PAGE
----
Social Aspects of Industry: A Survey of Labor Problems and Causes of Industrial Unrest

By S. Howard Patterson | Go to book overview

CHAPTER VIII
WOMEN AND CHILDREN IN INDUSTRY

PROBLEMS OF EXPLOITATION

1. Development of the Problem in England . -- The Industrial Revolution in England was attended by many unfortunate social results, chief among which was the problem of child labor and women in industry. Children of eight years of age, and indeed younger, toiled in the early factories. One of the worst features was the apprenticeship of the children of pauper parents into what was virtually a juvenile white slavery. These children were abused and driven to their work which often lasted 12 hours a day. They were given food of the coarsest kind and housed in bleak uncomfortable barracks. In some cases the children went to work in two shifts, so that the beds of these little workers never became cold. Accidents were frequent, disease was common, and the excessive toil soon put an end to their unhappy lots.

A parliamentary investigating committee discovered equally bad conditions in the mines, where little children had been utilized to drag coal cars through the narrow underground passages. Women and men worked side by side, sometimes almost naked, in the damp unwholesome shafts of the mines. The mere recital of these facts in testimony made unnecessary any discussion about the desirability of reform in mining conditions.

The fear of the physical degeneracy of the working population finally overcame the prevailing laissez-faire or let alone philosophy. The first British factory legislation, known as the Health and Morals Act of 1802, put a 12-hour limit to the work of children in the cotton mills.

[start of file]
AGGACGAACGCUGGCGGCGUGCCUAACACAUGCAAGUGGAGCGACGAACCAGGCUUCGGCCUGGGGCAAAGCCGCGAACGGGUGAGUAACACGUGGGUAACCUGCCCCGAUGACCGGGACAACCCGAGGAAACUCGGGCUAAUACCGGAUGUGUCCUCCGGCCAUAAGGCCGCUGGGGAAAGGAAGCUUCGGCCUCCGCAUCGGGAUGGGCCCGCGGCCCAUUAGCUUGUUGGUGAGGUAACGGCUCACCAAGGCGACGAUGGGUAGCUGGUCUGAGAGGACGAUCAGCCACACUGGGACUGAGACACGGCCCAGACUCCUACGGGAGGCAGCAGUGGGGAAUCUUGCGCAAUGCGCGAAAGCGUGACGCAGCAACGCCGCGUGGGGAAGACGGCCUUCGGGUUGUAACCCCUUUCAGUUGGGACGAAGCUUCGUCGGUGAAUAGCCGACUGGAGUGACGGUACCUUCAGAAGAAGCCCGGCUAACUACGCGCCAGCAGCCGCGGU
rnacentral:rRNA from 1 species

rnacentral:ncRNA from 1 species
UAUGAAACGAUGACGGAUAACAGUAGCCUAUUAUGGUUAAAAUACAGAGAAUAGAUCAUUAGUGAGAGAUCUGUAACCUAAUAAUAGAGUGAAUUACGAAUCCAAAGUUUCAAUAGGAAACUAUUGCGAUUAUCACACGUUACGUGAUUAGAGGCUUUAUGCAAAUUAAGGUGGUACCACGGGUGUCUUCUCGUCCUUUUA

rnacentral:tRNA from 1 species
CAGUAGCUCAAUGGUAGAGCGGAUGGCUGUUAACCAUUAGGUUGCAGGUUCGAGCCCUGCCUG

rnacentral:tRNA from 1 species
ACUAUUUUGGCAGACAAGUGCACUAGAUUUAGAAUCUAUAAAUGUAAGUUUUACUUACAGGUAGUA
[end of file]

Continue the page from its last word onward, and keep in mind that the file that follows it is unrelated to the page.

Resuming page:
In spite of the opposition of the manufacturing group, a famous factory law was passed in 1833, the year following the Great Reform Bill of 1832. It provided that no children under nine years of age be employed, and those from nine to thirteen years of age might work only 8 hours a day. Young persons from thirteen to eighteen years of age might not work over 12 hours a day and none of these hours could be at night.

The British Half Time Act of 1844 put women workers in the same category as young persons and applied to them the same restrictions as to hours of work. A corps of inspectors was created and factory inspection became a reality. The next factory act was that of 1847, which limited the work of women to 10 hours a day. Since it was unprofitable to work the factories without women and children, the 10-hour day gradually became a reality for men, as well as for women and children.

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